Home Affairs Minister Malusi Gigaba has had something of a mixed run during his tenure in charge of one of the country’s most important departments.
His insistence on unabridged birth certificates for parents travelling with children will probably go down as among those decisions by government that had well-intentioned motives but caused immediate damage to tourism and the economy while, many have argued, having little effect on combating human trafficking.
The jury remains out on either point, some would say, but many criticised Gigaba for his apparent unwillingness to listen to the concerns of others, while taking a stubborn personal position on a matter of national importance that affected people’s livelihoods.
He also used what appeared to be wildly inflated figures on child trafficking that many experts dismissed as an untrue reflection of reality to try to bolster his visa argument and create the impression that the problem was some sort of pandemic and home affairs was the saviour of children.
This week, Gigaba was again thrust into the public eye when it came to his department having the final say on whether US Pastor Steven Anderson would be allowed to enter South Africa to preach his narrow view on morality based on a selectively literal interpretation of biblical scripture no human being alive follows to the letter.
The same book that calls a man “lying with a man” an abomination forbids women from wearing jewellery, doesn’t want anyone to eat bacon or seafood, forbids rips in clothing or wearing polyester, doesn’t approve of tattoos, remarrying after divorce (or women to get divorced at all), allowing women to speak in church, working on a Saturday, many forms of visual art and a host of other things that most of us take for granted or don’t think about twice.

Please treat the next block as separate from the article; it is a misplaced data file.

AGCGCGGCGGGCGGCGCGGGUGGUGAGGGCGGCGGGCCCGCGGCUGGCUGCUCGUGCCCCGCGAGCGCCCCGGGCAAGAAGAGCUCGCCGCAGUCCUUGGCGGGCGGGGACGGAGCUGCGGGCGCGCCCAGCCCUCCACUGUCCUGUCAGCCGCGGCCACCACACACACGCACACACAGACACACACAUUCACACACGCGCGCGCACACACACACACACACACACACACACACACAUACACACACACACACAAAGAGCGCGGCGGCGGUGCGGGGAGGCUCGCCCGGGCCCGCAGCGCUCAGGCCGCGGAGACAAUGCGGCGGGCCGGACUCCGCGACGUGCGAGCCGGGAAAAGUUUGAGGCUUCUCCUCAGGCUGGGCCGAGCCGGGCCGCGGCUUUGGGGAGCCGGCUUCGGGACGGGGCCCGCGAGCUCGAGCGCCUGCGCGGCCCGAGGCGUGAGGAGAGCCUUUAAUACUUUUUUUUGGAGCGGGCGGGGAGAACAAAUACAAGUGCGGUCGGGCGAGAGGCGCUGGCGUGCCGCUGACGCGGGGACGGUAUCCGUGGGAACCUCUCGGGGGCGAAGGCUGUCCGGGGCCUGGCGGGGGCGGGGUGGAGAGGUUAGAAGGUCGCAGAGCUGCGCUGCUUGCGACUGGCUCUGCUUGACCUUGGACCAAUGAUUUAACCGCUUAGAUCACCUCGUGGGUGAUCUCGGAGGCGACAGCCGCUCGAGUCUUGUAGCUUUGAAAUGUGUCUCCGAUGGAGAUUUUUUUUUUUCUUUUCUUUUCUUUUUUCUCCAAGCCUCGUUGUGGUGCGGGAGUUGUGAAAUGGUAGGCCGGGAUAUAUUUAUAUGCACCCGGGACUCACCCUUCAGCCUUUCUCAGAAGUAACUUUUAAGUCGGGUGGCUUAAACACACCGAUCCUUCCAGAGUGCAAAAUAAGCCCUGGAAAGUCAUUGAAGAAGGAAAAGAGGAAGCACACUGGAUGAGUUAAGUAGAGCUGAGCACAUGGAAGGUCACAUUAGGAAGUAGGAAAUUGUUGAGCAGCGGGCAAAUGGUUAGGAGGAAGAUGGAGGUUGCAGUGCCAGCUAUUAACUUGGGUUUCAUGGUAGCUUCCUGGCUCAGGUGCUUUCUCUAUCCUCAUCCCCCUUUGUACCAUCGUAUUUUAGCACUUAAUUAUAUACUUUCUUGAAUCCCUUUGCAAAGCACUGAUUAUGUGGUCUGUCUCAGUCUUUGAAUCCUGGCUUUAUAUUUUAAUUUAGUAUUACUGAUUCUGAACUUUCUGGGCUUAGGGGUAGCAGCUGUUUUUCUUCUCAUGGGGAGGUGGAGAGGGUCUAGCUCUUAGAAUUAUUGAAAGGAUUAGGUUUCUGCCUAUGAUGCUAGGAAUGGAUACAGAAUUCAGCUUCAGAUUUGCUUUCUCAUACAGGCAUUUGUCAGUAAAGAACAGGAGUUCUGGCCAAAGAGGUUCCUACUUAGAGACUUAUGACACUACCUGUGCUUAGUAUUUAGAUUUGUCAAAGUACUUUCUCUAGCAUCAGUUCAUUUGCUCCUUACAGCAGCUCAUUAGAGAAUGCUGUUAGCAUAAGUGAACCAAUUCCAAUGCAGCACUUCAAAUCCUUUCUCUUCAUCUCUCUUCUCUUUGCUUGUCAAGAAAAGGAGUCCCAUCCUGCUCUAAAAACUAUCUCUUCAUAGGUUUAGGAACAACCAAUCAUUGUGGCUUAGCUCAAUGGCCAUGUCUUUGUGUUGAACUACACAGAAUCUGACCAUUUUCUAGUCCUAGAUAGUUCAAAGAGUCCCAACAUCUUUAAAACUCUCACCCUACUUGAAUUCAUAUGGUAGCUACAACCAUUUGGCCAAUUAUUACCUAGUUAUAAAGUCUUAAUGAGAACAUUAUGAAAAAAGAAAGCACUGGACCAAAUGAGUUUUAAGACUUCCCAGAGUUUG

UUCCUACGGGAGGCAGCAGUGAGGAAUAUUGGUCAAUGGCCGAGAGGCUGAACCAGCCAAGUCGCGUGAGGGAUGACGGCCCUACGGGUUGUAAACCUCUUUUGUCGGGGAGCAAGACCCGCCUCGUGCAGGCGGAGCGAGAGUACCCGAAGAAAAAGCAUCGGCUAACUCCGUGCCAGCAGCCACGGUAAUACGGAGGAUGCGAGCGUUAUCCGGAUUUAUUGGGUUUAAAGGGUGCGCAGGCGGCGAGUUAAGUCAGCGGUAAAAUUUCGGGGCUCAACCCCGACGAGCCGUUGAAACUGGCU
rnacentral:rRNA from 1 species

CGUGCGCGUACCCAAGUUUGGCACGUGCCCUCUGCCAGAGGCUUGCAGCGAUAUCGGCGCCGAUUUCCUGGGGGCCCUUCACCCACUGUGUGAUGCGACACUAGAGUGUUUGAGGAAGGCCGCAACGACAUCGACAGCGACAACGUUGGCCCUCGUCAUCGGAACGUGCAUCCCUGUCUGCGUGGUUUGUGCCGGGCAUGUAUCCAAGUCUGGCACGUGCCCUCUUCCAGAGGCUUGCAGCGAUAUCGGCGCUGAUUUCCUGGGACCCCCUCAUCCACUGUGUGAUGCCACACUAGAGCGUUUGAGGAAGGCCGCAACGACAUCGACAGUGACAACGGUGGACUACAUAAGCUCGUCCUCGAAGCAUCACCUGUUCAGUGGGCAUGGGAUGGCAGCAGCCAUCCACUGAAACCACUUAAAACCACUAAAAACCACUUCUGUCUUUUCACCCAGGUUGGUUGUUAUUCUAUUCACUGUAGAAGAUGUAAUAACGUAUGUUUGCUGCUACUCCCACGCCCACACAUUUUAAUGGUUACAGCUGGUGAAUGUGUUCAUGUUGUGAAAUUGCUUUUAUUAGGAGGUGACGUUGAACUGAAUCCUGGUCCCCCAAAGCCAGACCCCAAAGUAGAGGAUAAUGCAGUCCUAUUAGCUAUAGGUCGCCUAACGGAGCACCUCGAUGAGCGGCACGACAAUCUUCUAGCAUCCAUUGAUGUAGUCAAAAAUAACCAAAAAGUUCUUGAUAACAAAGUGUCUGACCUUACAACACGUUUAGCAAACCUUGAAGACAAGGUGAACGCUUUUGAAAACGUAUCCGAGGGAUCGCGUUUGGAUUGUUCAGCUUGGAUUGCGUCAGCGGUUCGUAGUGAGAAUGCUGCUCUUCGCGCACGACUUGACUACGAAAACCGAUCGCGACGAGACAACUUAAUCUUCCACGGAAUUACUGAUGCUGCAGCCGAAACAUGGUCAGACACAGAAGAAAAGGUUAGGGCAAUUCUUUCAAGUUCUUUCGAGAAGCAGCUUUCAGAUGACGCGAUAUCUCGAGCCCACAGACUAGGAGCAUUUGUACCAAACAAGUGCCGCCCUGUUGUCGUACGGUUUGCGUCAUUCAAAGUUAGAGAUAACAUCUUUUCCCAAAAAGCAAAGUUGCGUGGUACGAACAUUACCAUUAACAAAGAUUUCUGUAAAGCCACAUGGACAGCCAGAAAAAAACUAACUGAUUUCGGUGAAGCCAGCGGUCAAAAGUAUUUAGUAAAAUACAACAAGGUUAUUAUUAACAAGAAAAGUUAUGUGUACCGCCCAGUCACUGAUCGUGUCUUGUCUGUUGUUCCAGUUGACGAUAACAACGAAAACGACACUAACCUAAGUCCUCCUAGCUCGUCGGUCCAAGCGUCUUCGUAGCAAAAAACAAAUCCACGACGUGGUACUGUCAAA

Anderson and people like him are simply homophobes, and religion gives them a convenient excuse to justify that hatred, along with their many other forms of bigotry, because it’s unlikely that any bigot would be so self-reflective as to limit his or her bigotry to just one minority or group that is “different” in whatever way.
So kudos to Gigaba for finally making the decision to bar this hatemonger from coming to a country whose laws expressly forbid the kind of statement he made when celebrating the brutal murders of nearly 50 men in a Florida gay nightclub earlier this year.
However, one has to wonder if Gigaba took this stand because of the thousands of South Africans who petitioned against Anderson, or the calls from numerous human rights groups wanting South Africa to take the high ground against this rather creepy, unhinged individual.
Because the other thing Anderson did was publicly insult Gigaba on YouTube, calling him a “wicked vile sinner” who was just stringing “the sodomites” along.
If Anderson hadn’t insulted our minister, would the decision to ban the preacher still have been taken? Would Gigaba have “listened to the people” (even though there are probably just as many or even more people in this country likely to agree with the views of Anderson) on this issue if it hadn’t been made personal? That is something we can’t, of course, ever know.
What we do know, however, is that when it came to the child-visa matter, Gigaba appeared to care only for his own opinion and no one else’s, and particularly not even for the views of his colleague in charge of the tourism department.